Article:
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For season after season, the NFL powers-that-be and cannabis have never exactly been friends. The NFL used to suspend players if they tested positive multiple times for cannabis; that rule was just stricken from the books last year with the Players Association’s latest collective bargaining agreement. From the standpoint of the players themselves, many feel that cannabis as a pain treatment is highly preferable to prescription drugs.

So now the NFL seems to be listening. They want to know more about cannabis and pain; especially whether it can be a superior alternative to opioids that are often abused, present risks, and carry a stigma.

According to the league’s official announcement, there are three specific lines of inquiry that they wish to fund through research studies:

  • The effects of cannabinoids on pain in elite football players (post-surgical and/or in daily pain management).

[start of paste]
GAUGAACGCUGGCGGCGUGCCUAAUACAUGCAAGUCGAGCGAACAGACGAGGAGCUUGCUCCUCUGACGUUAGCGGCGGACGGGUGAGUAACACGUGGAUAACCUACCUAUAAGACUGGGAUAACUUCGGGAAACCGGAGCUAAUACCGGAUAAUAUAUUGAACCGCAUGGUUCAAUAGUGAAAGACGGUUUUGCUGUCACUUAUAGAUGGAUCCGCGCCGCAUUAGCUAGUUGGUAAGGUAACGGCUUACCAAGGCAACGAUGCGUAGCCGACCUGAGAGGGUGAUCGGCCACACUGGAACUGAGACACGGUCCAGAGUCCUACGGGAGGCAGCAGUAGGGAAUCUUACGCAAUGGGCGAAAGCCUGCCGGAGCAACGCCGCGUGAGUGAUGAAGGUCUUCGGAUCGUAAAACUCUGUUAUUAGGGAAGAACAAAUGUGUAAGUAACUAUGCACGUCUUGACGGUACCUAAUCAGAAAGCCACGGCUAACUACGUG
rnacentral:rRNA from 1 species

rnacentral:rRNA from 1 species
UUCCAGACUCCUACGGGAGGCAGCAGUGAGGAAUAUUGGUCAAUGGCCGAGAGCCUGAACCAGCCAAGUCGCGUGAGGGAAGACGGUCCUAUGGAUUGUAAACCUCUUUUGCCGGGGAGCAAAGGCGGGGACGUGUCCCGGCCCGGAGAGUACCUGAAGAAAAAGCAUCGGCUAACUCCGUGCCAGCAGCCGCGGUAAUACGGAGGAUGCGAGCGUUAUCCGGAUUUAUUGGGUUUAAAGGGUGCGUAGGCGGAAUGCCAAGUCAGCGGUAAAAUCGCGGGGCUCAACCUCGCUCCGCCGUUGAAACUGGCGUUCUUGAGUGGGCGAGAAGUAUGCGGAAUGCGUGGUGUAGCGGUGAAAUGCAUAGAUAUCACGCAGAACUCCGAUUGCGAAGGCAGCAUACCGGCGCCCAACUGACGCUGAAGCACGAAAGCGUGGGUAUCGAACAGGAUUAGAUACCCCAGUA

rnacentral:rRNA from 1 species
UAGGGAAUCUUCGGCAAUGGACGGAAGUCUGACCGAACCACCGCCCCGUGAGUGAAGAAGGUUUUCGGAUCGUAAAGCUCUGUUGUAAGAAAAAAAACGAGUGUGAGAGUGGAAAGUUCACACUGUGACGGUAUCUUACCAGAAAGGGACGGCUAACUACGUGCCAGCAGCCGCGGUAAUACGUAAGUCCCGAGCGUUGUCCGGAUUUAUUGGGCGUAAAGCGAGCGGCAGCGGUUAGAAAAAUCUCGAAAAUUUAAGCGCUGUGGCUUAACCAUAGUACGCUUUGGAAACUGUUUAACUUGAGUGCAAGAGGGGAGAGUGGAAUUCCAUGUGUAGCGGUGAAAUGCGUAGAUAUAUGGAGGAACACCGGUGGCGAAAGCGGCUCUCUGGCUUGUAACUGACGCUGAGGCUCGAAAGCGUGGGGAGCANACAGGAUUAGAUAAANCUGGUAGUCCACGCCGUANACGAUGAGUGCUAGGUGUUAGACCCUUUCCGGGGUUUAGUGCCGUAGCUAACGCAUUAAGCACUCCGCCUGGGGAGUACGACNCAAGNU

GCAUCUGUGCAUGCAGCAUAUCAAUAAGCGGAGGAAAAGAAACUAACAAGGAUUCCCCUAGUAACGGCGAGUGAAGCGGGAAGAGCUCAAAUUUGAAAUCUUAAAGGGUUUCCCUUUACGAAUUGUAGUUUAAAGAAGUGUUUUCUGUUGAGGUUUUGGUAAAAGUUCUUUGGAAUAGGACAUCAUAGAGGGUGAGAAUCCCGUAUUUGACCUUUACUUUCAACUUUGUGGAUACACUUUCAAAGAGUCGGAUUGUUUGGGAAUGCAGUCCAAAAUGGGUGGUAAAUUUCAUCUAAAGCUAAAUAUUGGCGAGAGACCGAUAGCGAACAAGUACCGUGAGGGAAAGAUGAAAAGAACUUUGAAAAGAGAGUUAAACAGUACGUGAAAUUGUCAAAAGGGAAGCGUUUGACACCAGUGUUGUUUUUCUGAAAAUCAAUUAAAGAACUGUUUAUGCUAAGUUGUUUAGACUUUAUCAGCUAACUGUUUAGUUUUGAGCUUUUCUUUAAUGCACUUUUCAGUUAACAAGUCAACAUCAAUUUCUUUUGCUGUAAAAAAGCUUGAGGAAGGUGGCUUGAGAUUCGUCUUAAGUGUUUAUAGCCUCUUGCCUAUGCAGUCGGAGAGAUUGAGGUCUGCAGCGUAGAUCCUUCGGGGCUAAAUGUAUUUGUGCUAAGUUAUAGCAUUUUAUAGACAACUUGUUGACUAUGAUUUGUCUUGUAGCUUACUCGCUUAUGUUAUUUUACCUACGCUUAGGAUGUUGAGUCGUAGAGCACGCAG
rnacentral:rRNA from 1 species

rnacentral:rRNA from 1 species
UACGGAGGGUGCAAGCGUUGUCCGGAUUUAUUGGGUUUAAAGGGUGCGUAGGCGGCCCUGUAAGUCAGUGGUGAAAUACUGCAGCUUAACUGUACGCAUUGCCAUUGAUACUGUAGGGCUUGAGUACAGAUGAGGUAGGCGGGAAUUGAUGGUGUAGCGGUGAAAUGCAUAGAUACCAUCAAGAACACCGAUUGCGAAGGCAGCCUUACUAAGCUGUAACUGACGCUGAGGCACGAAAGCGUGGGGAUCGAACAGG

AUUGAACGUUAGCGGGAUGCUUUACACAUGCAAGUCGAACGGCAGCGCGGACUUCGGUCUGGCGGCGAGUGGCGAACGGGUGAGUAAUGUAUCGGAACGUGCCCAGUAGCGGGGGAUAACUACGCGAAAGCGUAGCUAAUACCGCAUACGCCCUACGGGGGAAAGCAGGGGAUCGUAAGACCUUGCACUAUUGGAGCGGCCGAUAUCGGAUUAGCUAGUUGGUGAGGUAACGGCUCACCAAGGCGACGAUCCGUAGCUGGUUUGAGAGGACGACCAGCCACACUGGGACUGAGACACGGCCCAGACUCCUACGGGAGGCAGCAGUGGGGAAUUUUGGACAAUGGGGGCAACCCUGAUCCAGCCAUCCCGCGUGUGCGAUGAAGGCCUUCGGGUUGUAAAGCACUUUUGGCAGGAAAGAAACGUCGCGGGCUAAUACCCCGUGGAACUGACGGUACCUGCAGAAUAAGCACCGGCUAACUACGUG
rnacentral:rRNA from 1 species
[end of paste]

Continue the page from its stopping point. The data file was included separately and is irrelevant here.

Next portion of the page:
• The effects of non-pharmacologic treatments on pain in elite football players (post-surgical and/or in daily pain management).
  • The effects of cannabis or cannabinoids on athletic performance (e.g. psychomotor, reaction time, respiratory function) in elite football players.

$1 million is being provided to fund up to five research studies, a project that will be managed by both the NFL and the NFLPA through their joint Pain Management Committee (PMC).

Last year, the PMC conducted two informational forums on CBD to learn about the state of cannabidiol science and manufacturing in North America. Earlier this year, they issued a nationwide information request to identify researchers currently studying pain issues.

The NFL’s Chief Medical Officer, Dr. Allen Sills, has expressed that he considers this more a societal issue than a simple sports issue; he believes the misuse of opioids makes it vital that more research be done into better pain treatments. A study by Washington University School of Medicine in St. Louis, surveying 644 retired NFL players, found that over half had used opioids in order to stay on the field longer and compete through pain; of those, 71% met the criteria for opioid misuse.

Some NFL players who have self-medicated themselves with cannabis report that it helped make their pain more bearable without slowing them down, unlike the lethargic effect that came with prescription pills. Now there may be scientific findings to back up their anecdotal experiences. The NFL expect to receive research proposals by July 31st, and to award its research grants in December.